3 ways to lower your workers’ compensation bill

Stop injured workers walking through your door

The most cost-effective way to lower your workers’ compensation bill is simple: Stop pre-existing injuries from walking into your business.

By choosing effective pre-employment medical assessments, you can save up to 65 per cent as insurers see your workplace as less of a liability.

Most pre-employment medicals are not detecting enough pre-existing injuries – in some cases, the tests are detecting none.

Fail rates should be around 15 per cent and up to 20 per cent for jobs where manual handling is involved.

The most common types of injuries that go undetected are musculoskeletal – damage to muscles and joints, usually caused by strenuous activity.

Concerningly, those are exactly the types of latent injuries that will cost employers through lost labour, replacement labour and especially by driving up those workers’ compensation premiums.

You should be seeking a new provider if your LTIR and workers’ compensation premiums are not below the industry standard.

Remember though: High testing costs ≠ better, but real savings don’t come from a cheaper test – they come from long-term injury reduction.

Don’t be scared to grill a potential client on their facts, figures and testimonials from previous clients. Ask to know actual detection rates and independently commissioned cost-benefit analogies (don’t be fooled by just one good figure).

Also seek out providers that use physiotherapists – physios are the medics specialised in musculoskeletal injuries.

Don’t be shy to seek out, or ask for, guarantees: A provider should be able to offer savings, based on their proven performance analytics.

2. Ditch your manual handling training courses.

Sitting people in a classroom and teaching them manual handling skills does virtually nothing to reduce injury rates, according to a range of new studies.

The training is compulsory for jobs involving manual handling and often has to be updated each year, but new evidence suggests that money is better spent on supervisors.

“The supervisor is the key,” says Suremploy chief executive Tom Aune.

“There is very well documented evidence from organisational psychologists that 70 per cent of individual safety behaviour depends on the person they report to directly.”

Aune suggests restructuring legally obligated training to quicker, cheaper and more efficient online models and instead channel resources into the supervisor.

“The supervisor is the only person in authority who is physically present when the workers are bending, lifting, stretching etcetera. In most cases that makes them the most underutilised resource in injury reduction or injury prevention.”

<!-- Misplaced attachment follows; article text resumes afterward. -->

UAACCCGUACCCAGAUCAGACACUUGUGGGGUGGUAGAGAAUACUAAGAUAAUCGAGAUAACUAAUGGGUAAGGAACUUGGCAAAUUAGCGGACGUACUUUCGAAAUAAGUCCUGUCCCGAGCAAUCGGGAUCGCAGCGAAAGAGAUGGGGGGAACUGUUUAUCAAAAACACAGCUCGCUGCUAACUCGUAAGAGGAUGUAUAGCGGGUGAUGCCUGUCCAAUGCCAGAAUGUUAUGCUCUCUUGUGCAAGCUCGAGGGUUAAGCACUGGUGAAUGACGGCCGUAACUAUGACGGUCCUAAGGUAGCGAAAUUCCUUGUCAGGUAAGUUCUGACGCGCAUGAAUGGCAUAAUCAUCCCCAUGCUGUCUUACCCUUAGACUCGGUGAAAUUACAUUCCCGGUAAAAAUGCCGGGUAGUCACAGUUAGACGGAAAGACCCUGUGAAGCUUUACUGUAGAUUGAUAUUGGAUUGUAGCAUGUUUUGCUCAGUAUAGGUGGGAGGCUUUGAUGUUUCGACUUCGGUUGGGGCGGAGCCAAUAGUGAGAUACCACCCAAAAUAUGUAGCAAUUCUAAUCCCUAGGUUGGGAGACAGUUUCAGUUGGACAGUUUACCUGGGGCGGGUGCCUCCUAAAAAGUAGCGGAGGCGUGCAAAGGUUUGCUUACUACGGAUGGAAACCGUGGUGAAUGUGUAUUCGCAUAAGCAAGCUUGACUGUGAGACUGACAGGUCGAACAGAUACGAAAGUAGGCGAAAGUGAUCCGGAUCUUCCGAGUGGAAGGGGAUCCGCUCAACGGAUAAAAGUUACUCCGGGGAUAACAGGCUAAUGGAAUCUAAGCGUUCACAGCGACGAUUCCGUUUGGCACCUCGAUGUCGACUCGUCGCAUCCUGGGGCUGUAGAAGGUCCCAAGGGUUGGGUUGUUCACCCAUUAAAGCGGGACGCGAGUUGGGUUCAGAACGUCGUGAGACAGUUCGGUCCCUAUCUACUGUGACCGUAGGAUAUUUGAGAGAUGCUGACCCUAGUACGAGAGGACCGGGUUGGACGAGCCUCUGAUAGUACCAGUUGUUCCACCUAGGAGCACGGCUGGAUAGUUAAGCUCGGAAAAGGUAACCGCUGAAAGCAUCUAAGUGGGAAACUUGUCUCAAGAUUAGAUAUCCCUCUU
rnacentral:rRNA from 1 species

Aune says that training a small cohort of supervisors is cheaper than training a whole workforce, and making them accountable for injury rates could make this model even more effective.

“If the supervisor sees it as their role and opportunity to actually reduce injury and pain and suffering then they are in a very powerful position to do so simply by enforcing that they don’t want to see their workers get hurt.”

Passed up the command chain, dispersing that accountability could have “revolutionary” impacts on reducing injury rates.

3. Return injured workers ASAP

Returning to work within a day of sustaining an injury might sound counterintuitive – but a regimented plan can actually be one of the most cost-effective actions an employer can take.

Backed by research from the New South Wales Workcover Authority, it is proven that employees who return faster, recover faster.

The research revealed two compelling findings: The importance of overcoming the fear of the place of injury and the importance of workplace-based rehabilitation.

There is often a lot of fear for an injured worker returning to the place where they were hurt, and that fear can be one of the biggest hurdles to overcome.

Returning even as soon as within 24-hours of the injury can prevent that fear from snowballing and help the employee integrate back into their role.

As soon as a worker is back they should begin workplace-based rehabilitation. This is not about returning to work and being expected to perform at optimal productivity – it’s about gradually returning to full health.

The return to work plan needs to be well prepared with easy and safe options for even the most seriously injured workers.

The plan should include training for supervisors, managers and co-workers to understand the person returning to work isn’t there to be productive but to rehabilitate as quickly as possible.

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